Like Paris Hilton, her public image was linked to the family fortune (which in total is far greater than the Hilton family fortune). Everyone knew she was an heiress. Unlike Paris, she was independently wealthy. The thing about the rich is this: the good news is the bad news. It just is. Like the title of Dominick Dunne’s last book: “Too Much Money.” It becomes its own kind of substance abuse. Even many of us poor slobs know that truth from occasional experience. In fact, America is now suffering the withdrawals from such a thing.

There were stories in the late 90s that Casey was having problems with her mother who was divorcing her father (after a long marriage). Her move to Los Angeles was a declaration of independence. It was said that there were problems with her father. I’m talking the party line now. I don’t know what and if there were any problems with either parent but it was a typical teenage rant on some levels.

Family problems aside, L.A. was the lure. It was where many of her well-heeled contemporaries were moving because of the party scene and the fabulous weather (and the movie and TV stars). It was where Paris Hilton moved (actually Paris was just moving back to her home town). Hip. Cool.

Hollywood’s an alluring place, just like New York is, especially to a young person first going out into the world. But the culture is different. LA’s exotic, naturally sexy, the sun, the beach, the starry nightskies, the balmy weather, the hotties coming and going. Movie stars, cocktail bars, shiny cars. It’s all superficial; I-loved-ya-honey-but-the-show-closed, yes, and the who-cares? That’s seductive. Especially to a young person growing up with a lot of time and a lot of money.
Clockwise from top left: Casey Johnson, Natalie Leeds Leventhal, and Alexandra Lind Rose, 2008; Casey in 2003; Casey with her father, Woody, 2004; Casey with Nicky and Paris Hilton, 2003; Bijou Phillips and Casey Johnson, 2004; Nicky Hilton, Nicole Richie, and Casey, 2003.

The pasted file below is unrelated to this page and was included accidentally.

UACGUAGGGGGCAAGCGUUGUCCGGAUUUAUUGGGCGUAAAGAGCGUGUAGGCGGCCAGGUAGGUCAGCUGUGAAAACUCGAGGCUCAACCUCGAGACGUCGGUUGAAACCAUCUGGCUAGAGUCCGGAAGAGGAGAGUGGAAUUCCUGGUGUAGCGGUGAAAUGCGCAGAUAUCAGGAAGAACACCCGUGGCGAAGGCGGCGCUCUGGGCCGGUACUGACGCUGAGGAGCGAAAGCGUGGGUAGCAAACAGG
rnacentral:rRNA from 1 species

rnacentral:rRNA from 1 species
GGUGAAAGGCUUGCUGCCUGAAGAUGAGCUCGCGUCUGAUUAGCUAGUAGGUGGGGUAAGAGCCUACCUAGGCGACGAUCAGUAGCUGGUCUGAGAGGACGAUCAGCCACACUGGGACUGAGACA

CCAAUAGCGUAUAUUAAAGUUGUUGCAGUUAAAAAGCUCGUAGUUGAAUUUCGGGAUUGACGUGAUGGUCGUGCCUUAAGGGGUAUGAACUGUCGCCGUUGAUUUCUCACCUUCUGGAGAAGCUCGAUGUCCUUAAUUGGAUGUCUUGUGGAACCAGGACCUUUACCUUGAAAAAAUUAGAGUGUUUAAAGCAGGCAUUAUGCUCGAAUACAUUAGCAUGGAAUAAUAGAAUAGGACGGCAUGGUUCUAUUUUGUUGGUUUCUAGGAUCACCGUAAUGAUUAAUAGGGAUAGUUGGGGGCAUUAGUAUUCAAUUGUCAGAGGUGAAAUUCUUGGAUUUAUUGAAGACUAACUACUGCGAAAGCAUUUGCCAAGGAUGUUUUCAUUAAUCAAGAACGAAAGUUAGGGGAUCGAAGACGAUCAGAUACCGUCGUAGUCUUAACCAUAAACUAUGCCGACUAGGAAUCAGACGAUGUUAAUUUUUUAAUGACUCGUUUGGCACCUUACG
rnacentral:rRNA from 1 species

In the last few years we’ve learned from the columns that Casey had come out as a lesbian and was carrying on torturous (for somebody), arduous relationships with other young women who had a lot of time and (someone with) a lot of money. We also learned she adopted a child, a little girl whom she named Ava.

I don’t know what her relationship with her mother or her father was at this point. Estrangements between parents and child are common in families, far more common that many are willing to confide. And almost just as often, they heal. Both of Casey’s parents remarried after their divorce. Woody Johnson has started a second generation family with his young wife. And Sale Johnson married TV personality and former Minnesota Viking, Ahmad Rashad.

By age 30, now a subject for the tabloids and little else, Casey wasn’t a little girl anymore. She was a grown woman, a single mother with child. And looking much worse for the wear. But for the sweet child still dwelling somewhere within, hers was a face now bloated and distorted from extensive cosmetic surgery, from which she was looking neither younger or older but instead like someone harassed by demons. Los Angeles for Casey was what Los Angeles could always be for a certain type of young woman who goes out there to make her way. Nathaniel West wrote about it. So did Raymond Chandler. A bad turn. A dead end. A sadness. May her sweet soul now rest in peace.